“Positivity is the answer: Learn to be positive and the outcome will eventually be a positive one.”
“Why are you so negative all the time? Ugh!”
“Everyday is a new beginning. Forget what happened yesterday and focus on the positives of today.”
There have been moments wherein most of us have come across these statements at least once in our lives. While the idea of positivity is a powerful one, it could possibly take an ugly turn over the course of time. Positivity is a state of being which makes us experience pleasant emotions of joy, curiosity, affection, confidence, contentment, amusement and so on.
While some amount of positivity is integral to overall well-being and improved quality of life, it requires to be grounded in realism.
Positivity as a state exists on a spectrum. We often have a tendency to bracket people as either being positive or negative, which are the two ends of the spectrum. However, this journey is not a linear one. We are constantly moving back and forth on this spectrum. Unpleasant emotions or negative states are a part of us. It is almost rare to only experience pleasant or unpleasant emotions.
Unpleasant emotions such as anger, fear, melancholy, loneliness and disgust sometimes act as survival mechanisms aiding us while we walk this road of evolution, success and growth. Emotions are fleeting. Every emotion that exists on this spectrum is crucial for our cognitive, emotional, behavioural, physical and spiritual well-being.
Over the last few years, there has been a considerable increase in the number of social media posts, articles, blogs and other forms of written and spoken material about “positive and happy thoughts.” The idea that our positive thoughts might instantly soothe us by changing the way we think, feel or behave acts as a barrier to our growth and evolution. It is thoughts combined with action that marks the journey to progress and not happy thoughts.
A fascinating irony then is that positivity can also be toxic. As E.B. Johnson puts it, “toxic positivity is marked by layers of consequences that come from relying too much on positive thoughts.” This state can often lead to denial, avoidance, resistance or sublimation of the actual thought, emotion or behavior, causing a build up of unpleasant emotions. This might later cause a tornado of emotions causing an upheaval within and around us.
The idea of being positive all the time makes us then set expectations that are not grounded in reality. Instead of viewing setbacks as a part of the process, somewhere we have completely sidelined the idea of failure on a task. This affects our psychological flexibility by making us feel guilty, angry, overwhelmed, anxious, fearful coupled with self blame.
Toxic positivity is like wearing a polyana glass where we view things as being rosy, favourable, bloomy, and sunny, even when it is taking a considerable toll on our personal and professional lives.
While there are several images, quotes and reading material out there asking us to think big and positive, stay strong, make a fresh start and constantly look for the good things, it is surreal to be on the positive end of the spectrum all the time. The human brain is constantly changing and rewiring itself with different experiences that we have on a day to day basis. Instead of pushing ourselves too hard to feel ecstatic all the time, embracing the unpleasant is the key to experiencing an authentic state of pleasant/healthy emotions.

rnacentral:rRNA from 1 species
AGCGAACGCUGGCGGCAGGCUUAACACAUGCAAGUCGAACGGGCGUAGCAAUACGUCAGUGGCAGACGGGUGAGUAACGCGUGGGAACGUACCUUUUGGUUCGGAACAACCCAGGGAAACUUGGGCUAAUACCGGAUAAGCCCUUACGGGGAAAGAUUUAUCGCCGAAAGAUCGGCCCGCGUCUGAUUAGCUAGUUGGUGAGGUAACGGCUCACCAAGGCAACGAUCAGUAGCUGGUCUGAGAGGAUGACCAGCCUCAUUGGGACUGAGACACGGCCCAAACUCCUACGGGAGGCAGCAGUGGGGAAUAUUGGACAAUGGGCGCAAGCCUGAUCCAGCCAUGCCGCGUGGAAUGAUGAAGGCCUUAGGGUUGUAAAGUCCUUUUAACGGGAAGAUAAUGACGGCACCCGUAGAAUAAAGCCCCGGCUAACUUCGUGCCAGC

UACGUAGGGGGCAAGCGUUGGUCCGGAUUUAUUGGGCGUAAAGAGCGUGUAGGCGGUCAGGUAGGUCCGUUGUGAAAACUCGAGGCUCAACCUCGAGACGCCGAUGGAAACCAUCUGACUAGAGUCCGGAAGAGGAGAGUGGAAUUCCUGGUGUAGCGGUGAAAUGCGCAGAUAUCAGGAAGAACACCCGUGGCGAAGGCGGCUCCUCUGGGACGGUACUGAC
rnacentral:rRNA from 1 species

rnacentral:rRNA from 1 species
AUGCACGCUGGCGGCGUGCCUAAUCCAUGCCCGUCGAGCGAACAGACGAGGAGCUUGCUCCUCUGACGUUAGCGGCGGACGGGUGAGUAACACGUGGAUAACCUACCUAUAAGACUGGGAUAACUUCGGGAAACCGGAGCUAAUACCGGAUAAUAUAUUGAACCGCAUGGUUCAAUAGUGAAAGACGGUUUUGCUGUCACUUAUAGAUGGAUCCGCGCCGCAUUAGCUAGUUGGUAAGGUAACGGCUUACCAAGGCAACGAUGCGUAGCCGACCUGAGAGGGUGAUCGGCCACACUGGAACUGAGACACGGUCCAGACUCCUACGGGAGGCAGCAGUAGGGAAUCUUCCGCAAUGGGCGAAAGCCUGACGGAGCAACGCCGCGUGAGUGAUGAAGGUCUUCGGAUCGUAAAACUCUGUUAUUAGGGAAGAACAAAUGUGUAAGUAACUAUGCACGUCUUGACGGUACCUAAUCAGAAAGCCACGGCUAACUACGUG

Think of this, while we aspire to reach the peak while trekking, being grounded in reality about the possible hurdles prepares us to somewhere trek with ease. Hence, maintaining a balance between the pleasant and unpleasant states is a foundation to the pyramid of transformation.
Remember, not each day has to be a new beginning. Not each emotion needs to be explained. At times, embracing and witnessing the emotions and thoughts as they manifest on the surface without a conscious and deliberate effort to change them facilitates introspection and enhances awareness and insight. Authentic pleasantness is not achieved by shunning away unpleasant emotions, but by being acceptant, compassionate and less judgemental towards these parts of ourselves.
It is not rainbows and unicorns all the time. It is important to remember that not each sunrise would bring the best of you. And it is okay. It is okay to have your days, moments and emotions and be with them for a while. Taking time to process these thoughts and emotions is crucial for integrity and stability. On such days, instead of being hard on yourself or labelling yourself or by stretching yourself, your boundaries and putting up a front of everything being okay, could make things difficult for you to handle in the long run.
Instead of accepting the here and the now for what it is and coming to terms with it, we often allow our mind and body space, time and resources that it needs to heal itself. A little more kindness, compassion and acceptance towards who YOU are and what you are.. does wonders!
About Ms. Vishwa Modi
Ms. Vishwa Modi has pursued her bachelor’s in psychology from Mithibai college and further completed her master’s in psychology with a specialisation in Clinical psychology from S.N.D.T Women’s University. She has worked with several organisations across Mumbai.
Vishwa has worked with adolescents, adults and geriatric. She has an experience working with depression, anxiety, personality disorders, stress, conflicts, obsessive-compulsive disorder, relationship issues, anger management, self-esteem issues, body-image issues, complex trauma, stress, grief, void, lack of motivation and adjustment issues. Additionally, she is also a certified dementia trainer recognised by Alzheimer’s Disease International.
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